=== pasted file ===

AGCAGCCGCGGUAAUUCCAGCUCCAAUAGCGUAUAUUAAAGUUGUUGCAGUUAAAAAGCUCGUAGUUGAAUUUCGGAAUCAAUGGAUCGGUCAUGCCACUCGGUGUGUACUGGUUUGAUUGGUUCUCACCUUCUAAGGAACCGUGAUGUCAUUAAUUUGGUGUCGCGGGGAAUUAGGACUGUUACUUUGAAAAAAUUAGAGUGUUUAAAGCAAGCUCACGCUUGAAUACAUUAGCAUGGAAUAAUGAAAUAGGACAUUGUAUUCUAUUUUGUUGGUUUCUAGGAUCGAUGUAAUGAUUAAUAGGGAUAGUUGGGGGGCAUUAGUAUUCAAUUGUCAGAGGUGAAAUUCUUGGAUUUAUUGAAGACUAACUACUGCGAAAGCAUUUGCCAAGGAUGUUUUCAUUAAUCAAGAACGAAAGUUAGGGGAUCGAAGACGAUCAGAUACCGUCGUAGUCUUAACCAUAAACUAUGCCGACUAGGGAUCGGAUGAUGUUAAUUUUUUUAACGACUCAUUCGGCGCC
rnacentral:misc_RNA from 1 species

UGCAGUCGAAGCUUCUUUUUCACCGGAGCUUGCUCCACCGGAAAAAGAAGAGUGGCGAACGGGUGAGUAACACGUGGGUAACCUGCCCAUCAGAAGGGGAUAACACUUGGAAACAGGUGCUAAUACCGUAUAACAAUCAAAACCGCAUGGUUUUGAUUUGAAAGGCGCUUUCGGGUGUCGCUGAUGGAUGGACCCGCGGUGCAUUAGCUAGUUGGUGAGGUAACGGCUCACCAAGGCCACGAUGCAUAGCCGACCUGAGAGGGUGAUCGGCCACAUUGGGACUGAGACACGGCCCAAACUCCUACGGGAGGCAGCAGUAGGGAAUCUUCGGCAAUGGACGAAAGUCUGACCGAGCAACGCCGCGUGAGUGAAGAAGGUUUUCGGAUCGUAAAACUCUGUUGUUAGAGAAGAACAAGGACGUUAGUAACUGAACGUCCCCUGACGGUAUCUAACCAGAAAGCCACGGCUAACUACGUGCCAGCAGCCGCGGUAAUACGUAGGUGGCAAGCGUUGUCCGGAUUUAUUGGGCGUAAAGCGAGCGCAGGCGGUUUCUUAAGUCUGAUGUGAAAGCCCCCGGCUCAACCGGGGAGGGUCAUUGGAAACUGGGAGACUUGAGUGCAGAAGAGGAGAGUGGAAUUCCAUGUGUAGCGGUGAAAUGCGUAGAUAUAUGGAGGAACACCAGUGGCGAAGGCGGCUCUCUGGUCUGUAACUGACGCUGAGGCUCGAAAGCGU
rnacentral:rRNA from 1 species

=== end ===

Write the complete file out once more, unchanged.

AGCAGCCGCGGUAAUUCCAGCUCCAAUAGCGUAUAUUAAAGUUGUUGCAGUUAAAAAGCUCGUAGUUGAAUUUCGGAAUCAAUGGAUCGGUCAUGCCACUCGGUGUGUACUGGUUUGAUUGGUUCUCACCUUCUAAGGAACCGUGAUGUCAUUAAUUUGGUGUCGCGGGGAAUUAGGACUGUUACUUUGAAAAAAUUAGAGUGUUUAAAGCAAGCUCACGCUUGAAUACAUUAGCAUGGAAUAAUGAAAUAGGACAUUGUAUUCUAUUUUGUUGGUUUCUAGGAUCGAUGUAAUGAUUAAUAGGGAUAGUUGGGGGGCAUUAGUAUUCAAUUGUCAGAGGUGAAAUUCUUGGAUUUAUUGAAGACUAACUACUGCGAAAGCAUUUGCCAAGGAUGUUUUCAUUAAUCAAGAACGAAAGUUAGGGGAUCGAAGACGAUCAGAUACCGUCGUAGUCUUAACCAUAAACUAUGCCGACUAGGGAUCGGAUGAUGUUAAUUUUUUUAACGACUCAUUCGGCGCC
rnacentral:misc_RNA from 1 species

UGCAGUCGAAGCUUCUUUUUCACCGGAGCUUGCUCCACCGGAAAAAGAAGAGUGGCGAACGGGUGAGUAACACGUGGGUAACCUGCCCAUCAGAAGGGGAUAACACUUGGAAACAGGUGCUAAUACCGUAUAACAAUCAAAACCGCAUGGUUUUGAUUUGAAAGGCGCUUUCGGGUGUCGCUGAUGGAUGGACCCGCGGUGCAUUAGCUAGUUGGUGAGGUAACGGCUCACCAAGGCCACGAUGCAUAGCCGACCUGAGAGGGUGAUCGGCCACAUUGGGACUGAGACACGGCCCAAACUCCUACGGGAGGCAGCAGUAGGGAAUCUUCGGCAAUGGACGAAAGUCUGACCGAGCAACGCCGCGUGAGUGAAGAAGGUUUUCGGAUCGUAAAACUCUGUUGUUAGAGAAGAACAAGGACGUUAGUAACUGAACGUCCCCUGACGGUAUCUAACCAGAAAGCCACGGCUAACUACGUGCCAGCAGCCGCGGUAAUACGUAGGUGGCAAGCGUUGUCCGGAUUUAUUGGGCGUAAAGCGAGCGCAGGCGGUUUCUUAAGUCUGAUGUGAAAGCCCCCGGCUCAACCGGGGAGGGUCAUUGGAAACUGGGAGACUUGAGUGCAGAAGAGGAGAGUGGAAUUCCAUGUGUAGCGGUGAAAUGCGUAGAUAUAUGGAGGAACACCAGUGGCGAAGGCGGCUCUCUGGUCUGUAACUGACGCUGAGGCUCGAAAGCGU
rnacentral:rRNA from 1 species